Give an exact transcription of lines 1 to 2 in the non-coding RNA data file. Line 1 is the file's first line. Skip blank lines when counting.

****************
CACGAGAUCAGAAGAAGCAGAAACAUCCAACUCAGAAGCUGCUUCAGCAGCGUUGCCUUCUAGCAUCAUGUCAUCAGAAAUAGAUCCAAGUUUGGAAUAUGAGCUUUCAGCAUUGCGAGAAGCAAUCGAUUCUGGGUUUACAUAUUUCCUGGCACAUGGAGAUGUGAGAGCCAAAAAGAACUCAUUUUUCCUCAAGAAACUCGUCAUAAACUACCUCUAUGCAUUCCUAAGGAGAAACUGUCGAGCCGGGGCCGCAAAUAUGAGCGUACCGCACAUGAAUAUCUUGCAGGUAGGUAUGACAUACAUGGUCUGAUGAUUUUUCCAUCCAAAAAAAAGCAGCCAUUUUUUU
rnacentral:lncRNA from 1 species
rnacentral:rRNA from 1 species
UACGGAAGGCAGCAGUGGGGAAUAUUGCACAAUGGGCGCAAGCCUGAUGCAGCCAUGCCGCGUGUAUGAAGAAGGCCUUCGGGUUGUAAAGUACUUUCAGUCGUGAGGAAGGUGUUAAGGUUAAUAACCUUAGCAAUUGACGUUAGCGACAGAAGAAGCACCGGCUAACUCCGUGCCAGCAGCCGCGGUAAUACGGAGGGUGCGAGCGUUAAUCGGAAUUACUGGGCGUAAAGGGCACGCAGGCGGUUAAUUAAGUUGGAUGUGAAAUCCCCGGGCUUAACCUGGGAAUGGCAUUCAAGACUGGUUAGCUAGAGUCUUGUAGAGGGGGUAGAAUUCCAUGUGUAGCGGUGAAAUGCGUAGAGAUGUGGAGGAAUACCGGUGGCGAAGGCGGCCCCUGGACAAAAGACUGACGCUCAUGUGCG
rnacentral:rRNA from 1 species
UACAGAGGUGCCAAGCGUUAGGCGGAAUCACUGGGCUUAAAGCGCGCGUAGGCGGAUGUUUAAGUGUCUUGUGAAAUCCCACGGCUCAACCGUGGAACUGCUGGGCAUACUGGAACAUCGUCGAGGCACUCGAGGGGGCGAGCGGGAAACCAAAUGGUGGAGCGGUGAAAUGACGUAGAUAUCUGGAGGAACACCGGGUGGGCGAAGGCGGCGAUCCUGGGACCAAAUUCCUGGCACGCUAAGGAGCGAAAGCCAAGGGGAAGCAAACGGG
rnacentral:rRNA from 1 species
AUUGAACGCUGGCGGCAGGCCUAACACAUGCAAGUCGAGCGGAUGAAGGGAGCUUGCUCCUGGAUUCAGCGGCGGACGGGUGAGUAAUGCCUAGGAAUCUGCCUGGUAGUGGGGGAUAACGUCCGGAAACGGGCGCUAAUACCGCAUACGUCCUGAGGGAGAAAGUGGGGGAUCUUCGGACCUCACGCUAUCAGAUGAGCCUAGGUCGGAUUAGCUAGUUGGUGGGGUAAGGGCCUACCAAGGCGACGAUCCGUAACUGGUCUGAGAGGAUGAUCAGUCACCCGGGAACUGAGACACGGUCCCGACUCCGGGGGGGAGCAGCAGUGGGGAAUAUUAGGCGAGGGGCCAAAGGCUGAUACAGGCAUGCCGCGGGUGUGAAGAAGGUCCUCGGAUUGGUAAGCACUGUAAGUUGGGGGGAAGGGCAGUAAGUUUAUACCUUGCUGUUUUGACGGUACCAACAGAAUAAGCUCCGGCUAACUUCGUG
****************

CACGAGAUCAGAAGAAGCAGAAACAUCCAACUCAGAAGCUGCUUCAGCAGCGUUGCCUUCUAGCAUCAUGUCAUCAGAAAUAGAUCCAAGUUUGGAAUAUGAGCUUUCAGCAUUGCGAGAAGCAAUCGAUUCUGGGUUUACAUAUUUCCUGGCACAUGGAGAUGUGAGAGCCAAAAAGAACUCAUUUUUCCUCAAGAAACUCGUCAUAAACUACCUCUAUGCAUUCCUAAGGAGAAACUGUCGAGCCGGGGCCGCAAAUAUGAGCGUACCGCACAUGAAUAUCUUGCAGGUAGGUAUGACAUACAUGGUCUGAUGAUUUUUCCAUCCAAAAAAAAGCAGCCAUUUUUUU
rnacentral:lncRNA from 1 species